Work fair hours
Women have always been subjected to discrimination and endured countless indignities like sexual harassment at work. But more than a century ago, they had limited legal protections in the workplace, and their hours weren’t regulated. In the state of Oregon, however, there was a law that restricted women from working more than 10 hours a day. This was challenged in a case that went all the way to the Supreme Court in 1908, Muller v. Oregon. The Supreme Court affirmed the previous ruling of two lower courts that Muller, the owner of a laundry business, could not force the women in his employ to work more than the 10-hour shifts permitted by law.
Sadly, the ruling was not made on the basis of equality, but on the basis that such long hours interfered with a woman’s maternal duties. Nevertheless, the case had a profound effect on U.S. labor laws, as other states began to follow suit in the coming decades.
Serve on a jury
Juries are supposed to be comprised of one’s peers, but in 1879, the Supreme Court affirmed that states had the legal right to limit the jury pool to males. The first state to decide that women were indeed qualified to serve as jurors was Utah, in 1898. After that, other states began to follow suit, but the progress was slow.
In 1927, there were still only 19 states that allowed women to serve as jurors. This changed in 1961 when the Supreme Court ruled that a Florida law exempting women from jury duty was unconstitutional. Regardless of your gender, this is what happens if you ignore a jury summons.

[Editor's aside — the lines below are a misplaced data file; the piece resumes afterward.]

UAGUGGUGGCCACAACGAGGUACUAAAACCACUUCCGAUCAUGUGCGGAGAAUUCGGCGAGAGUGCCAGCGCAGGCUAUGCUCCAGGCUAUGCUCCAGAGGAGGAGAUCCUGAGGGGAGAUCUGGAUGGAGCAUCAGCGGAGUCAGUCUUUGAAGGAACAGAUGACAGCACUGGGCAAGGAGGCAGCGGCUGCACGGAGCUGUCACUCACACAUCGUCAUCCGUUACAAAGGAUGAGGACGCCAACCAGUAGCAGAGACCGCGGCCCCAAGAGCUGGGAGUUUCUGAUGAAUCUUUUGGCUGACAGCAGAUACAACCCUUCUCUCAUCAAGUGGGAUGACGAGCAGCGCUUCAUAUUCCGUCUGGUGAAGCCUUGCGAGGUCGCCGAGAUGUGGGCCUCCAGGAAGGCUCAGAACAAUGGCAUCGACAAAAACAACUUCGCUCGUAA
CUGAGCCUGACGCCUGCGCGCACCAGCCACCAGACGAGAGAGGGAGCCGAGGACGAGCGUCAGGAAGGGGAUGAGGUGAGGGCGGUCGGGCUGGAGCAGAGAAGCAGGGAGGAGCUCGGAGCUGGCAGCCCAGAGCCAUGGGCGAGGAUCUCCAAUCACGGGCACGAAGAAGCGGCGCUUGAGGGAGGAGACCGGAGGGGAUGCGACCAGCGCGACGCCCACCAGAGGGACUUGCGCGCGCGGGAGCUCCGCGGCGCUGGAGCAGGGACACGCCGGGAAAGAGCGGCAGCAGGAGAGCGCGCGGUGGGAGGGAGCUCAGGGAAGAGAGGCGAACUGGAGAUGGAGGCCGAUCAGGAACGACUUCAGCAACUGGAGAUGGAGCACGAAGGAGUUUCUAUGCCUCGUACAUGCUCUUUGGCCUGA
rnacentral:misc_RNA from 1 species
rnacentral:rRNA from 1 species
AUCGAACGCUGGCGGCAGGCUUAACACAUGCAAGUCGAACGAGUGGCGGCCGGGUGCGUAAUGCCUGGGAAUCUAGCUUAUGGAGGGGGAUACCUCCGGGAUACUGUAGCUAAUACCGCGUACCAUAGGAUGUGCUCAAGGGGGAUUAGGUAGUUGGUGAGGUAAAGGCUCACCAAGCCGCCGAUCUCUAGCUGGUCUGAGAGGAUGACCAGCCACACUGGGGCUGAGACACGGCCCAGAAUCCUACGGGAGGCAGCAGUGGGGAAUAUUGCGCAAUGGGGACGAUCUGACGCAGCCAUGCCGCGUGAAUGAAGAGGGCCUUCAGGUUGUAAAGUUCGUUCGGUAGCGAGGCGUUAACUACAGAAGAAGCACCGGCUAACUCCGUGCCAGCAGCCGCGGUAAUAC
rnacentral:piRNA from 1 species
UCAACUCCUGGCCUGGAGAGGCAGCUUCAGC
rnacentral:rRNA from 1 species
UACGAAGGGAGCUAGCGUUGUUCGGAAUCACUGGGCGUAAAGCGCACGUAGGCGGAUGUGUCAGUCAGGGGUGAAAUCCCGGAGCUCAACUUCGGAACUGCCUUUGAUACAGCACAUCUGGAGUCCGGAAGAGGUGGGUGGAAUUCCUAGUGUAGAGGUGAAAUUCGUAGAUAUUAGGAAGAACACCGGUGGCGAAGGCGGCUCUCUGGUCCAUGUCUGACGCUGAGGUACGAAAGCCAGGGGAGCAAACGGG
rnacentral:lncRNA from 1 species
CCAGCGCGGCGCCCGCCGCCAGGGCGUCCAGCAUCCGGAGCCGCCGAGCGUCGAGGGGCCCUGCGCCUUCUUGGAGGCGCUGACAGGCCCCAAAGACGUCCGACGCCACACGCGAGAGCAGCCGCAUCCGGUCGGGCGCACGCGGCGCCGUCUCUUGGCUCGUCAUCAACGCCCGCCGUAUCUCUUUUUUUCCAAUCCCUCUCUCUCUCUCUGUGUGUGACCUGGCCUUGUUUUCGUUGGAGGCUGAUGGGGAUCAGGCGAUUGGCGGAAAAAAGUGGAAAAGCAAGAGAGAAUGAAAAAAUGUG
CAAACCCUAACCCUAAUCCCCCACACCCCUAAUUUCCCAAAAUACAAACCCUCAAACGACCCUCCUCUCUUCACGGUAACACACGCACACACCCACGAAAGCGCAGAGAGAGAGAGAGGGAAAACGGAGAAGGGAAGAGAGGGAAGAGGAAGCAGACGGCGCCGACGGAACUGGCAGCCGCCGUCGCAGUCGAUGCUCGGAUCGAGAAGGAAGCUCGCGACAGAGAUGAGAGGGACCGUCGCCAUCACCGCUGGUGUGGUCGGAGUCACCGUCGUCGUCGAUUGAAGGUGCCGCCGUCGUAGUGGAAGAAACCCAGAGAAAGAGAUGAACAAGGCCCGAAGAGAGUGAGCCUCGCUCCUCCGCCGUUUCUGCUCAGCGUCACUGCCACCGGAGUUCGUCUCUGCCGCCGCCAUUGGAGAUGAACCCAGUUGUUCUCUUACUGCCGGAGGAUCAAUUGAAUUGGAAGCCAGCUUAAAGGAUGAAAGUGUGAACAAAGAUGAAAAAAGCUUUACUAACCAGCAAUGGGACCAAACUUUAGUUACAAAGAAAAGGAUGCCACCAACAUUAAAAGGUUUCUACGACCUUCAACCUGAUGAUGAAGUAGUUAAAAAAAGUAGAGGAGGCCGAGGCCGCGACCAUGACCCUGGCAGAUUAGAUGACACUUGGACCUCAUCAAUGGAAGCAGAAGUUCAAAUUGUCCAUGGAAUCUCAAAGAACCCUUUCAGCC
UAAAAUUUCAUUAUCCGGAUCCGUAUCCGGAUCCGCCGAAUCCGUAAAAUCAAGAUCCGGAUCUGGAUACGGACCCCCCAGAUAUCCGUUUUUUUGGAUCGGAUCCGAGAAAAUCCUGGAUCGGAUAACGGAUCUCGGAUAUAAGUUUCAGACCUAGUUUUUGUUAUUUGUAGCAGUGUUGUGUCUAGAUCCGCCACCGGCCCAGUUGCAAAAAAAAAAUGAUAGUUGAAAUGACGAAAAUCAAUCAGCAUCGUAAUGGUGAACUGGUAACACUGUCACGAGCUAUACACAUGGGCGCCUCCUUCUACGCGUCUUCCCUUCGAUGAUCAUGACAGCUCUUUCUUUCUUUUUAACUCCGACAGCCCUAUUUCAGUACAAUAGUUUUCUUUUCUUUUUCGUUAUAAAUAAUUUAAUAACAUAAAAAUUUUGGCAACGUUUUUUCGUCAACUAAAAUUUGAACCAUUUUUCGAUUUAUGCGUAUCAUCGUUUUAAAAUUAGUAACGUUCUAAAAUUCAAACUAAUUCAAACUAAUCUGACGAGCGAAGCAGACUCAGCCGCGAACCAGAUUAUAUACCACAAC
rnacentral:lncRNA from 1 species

Compete in a wide variety of Olympic sports
If you’re a fan of athletes like the one and only Simone Biles, it might be inconceivable that there was a time when women couldn’t compete in the Olympics. Women weren’t allowed to do so until 1900, and at those Games, held in Paris, they accounted for less than 3% of the athletes. This was largely due to the fact that only five sports were open to them.
Slowly, more and more Olympic sports opened their arms to women, and today, the Olympic Committee works to make sure more women are given important roles and voices in leadership. So if you’re a woman with Olympic dreams, go for it! Here are more Olympic moments that changed history.
Have their own passport if they were married
Until the 1920s, single women had their own passports, while married women were issued joint passports with their husbands. At the time, this was reflective of the fact that society frowned upon the prospect of a woman traveling without her spouse. More so, it was indicative of societal notions that a woman’s identity was wrapped up in her husband’s.
As women became more liberated, they began to challenge this, especially in cases where they wished to keep their maiden name. In one such case in 1917, a young woman named Ruth Hale successfully petitioned to get a passport issued in her maiden name. This was a watershed moment, prompting other women to petition for the same in the ensuing years. In 1937, the rules were officially changed.
- History.com: “19th Amendment”
- Biography: “Margaret Sanger”
- History Collection: “The American Divorce Colonies of the 1800’s”
- PBS: “Arresting dress: A timeline of anti-cross-dressing laws in the United States”
- History.com: “American Women in World War II”
- Time: “How American Women Fought to Keep Their Maiden Names After Marriage”
- History.com: “When New York Banned Smoking to Save Women’s Souls”
- Library of Congress: “American Women: Resources from the Law Library”
- History.com: “How 19th-Century Women Used Department Stores to Gain Their Freedom”
- Women & The American Story: “Waged Work and Protective Laws”
- ACLU: “A Jury of One’s Peers”
- International Olympic Committee: “Gender Equality in Sport”
- Atlas Obscura: “The 1920s Women Who Fought For the Right to Travel Under Their Own Names”